Looking for science-backed data on the impact of screen time? New research reveals how different kinds of digital behaviors can impact everything from our mood to relationships. Here’s the latest:
How Facebook Impacts Mental Health
According to the social media network, its average user spends one hour per day scrolling through their Facebook feed, not only posting, but also liking, commenting and sharing. And that can have a serious impact on mental health, reveal researchers Holly B. Shakya and Nicholas A. Christakis. Tracking more than 5,000 people’s Facebook use over a period of two years, Shakya and Christakis compared people’s face-to-face social interactions with digital ones. The findings? Consistent use of Facebook — including liking other people’s posts and commenting on them — were associated with a reduction in physical health, mental health and life satisfaction. “When we accounted for a person’s level of initial well-being, initial real-world networks, and initial level of Facebook use, increased use of Facebook was still associated with a likelihood of diminished future well-being.”
Another study focused on the impact of Facebook and WhatApp on kids, with similar results. Economists from the University of Sheffield carried out the research, which asked 4,000 10- to 15-year olds to assess their level of happiness. Those who spent more time on social networks were overall more unhappy with their lives, particularly their looks, friendships and schoolwork.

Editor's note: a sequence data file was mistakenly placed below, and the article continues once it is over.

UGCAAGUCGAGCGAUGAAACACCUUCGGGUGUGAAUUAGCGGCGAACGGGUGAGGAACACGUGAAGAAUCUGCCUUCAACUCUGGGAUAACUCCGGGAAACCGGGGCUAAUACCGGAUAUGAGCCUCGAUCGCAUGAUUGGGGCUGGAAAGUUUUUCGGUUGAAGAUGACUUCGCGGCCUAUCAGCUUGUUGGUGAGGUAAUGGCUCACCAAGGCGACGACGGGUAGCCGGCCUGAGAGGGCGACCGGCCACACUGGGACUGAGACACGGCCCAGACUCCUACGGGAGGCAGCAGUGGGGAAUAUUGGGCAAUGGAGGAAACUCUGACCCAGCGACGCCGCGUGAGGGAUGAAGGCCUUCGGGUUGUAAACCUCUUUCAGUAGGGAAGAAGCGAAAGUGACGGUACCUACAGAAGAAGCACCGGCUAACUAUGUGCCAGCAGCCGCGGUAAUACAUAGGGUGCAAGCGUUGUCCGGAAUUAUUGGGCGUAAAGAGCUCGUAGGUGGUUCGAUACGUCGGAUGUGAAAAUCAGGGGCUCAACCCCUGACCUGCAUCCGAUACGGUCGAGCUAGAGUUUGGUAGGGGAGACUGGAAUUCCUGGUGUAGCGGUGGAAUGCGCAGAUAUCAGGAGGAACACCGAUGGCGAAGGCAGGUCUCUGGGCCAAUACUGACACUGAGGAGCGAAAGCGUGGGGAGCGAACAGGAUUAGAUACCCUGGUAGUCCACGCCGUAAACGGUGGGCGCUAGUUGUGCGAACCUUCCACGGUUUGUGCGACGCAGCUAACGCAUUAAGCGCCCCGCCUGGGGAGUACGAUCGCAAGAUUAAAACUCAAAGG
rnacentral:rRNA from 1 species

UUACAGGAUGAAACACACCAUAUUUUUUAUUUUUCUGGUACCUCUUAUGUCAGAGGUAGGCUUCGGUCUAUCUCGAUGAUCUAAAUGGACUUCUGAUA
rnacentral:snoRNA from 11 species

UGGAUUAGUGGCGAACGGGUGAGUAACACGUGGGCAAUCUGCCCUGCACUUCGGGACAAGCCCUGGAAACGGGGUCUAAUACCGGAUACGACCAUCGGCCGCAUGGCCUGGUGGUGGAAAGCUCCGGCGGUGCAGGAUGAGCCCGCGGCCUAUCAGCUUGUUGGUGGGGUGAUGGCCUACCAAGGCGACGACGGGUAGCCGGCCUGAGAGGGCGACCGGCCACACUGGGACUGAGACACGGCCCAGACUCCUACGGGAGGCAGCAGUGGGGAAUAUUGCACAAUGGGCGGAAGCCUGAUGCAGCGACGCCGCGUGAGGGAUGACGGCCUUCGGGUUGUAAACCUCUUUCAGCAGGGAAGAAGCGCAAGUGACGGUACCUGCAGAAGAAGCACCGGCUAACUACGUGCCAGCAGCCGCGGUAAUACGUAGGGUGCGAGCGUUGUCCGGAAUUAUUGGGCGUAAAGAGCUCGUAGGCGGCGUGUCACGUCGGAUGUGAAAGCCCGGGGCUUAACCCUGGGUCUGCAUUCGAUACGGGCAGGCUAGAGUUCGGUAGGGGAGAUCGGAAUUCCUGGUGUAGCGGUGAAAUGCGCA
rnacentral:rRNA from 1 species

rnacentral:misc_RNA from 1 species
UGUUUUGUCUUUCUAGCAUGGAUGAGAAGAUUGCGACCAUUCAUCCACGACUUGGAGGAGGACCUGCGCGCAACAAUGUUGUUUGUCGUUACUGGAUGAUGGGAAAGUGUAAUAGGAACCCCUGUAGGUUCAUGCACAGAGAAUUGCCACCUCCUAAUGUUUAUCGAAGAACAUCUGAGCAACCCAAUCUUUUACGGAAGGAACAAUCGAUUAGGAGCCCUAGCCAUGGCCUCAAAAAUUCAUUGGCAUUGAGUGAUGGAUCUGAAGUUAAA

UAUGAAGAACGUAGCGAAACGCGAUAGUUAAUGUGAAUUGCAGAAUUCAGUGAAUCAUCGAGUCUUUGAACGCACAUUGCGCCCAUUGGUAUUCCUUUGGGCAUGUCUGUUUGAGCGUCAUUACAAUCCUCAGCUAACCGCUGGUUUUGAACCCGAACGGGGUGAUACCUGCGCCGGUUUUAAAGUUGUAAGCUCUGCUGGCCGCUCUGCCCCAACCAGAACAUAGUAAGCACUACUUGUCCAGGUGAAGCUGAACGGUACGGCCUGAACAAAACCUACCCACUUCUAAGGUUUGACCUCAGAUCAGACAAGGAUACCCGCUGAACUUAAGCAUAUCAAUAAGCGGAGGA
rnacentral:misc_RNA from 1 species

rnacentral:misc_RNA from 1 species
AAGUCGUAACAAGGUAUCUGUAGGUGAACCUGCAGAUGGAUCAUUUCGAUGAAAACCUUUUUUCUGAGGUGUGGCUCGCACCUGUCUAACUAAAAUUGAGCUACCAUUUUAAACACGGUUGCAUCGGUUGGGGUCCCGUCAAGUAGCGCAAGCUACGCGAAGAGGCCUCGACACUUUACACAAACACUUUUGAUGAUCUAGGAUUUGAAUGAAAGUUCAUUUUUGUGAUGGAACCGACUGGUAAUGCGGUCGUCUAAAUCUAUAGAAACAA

Why Snooping Is Doomed to Fail
Kids whose parents spy on them behaved no worse than those who didn’t have prying parents, according to new research. But spying nevertheless comes at a heavy cost: Trust between kids and parents diminishes dramatically. Another study shows that when kids suspect that parents were spying on them — going through possessions, reading texts and emails — they were less likely to share information with their parents compared to teens who felt their parents respected boundaries of privacy.
Screen Time & Physical Activity
A recent study suggests that low physical activity combined with high screen time can leave teens increasingly vulnerable to depression. Researchers found that teens who did less than one hour a day of physical activity and spent more than two hours with digital devices were more likely to report depressive symptoms than teens who were physically active for one hour or more per day.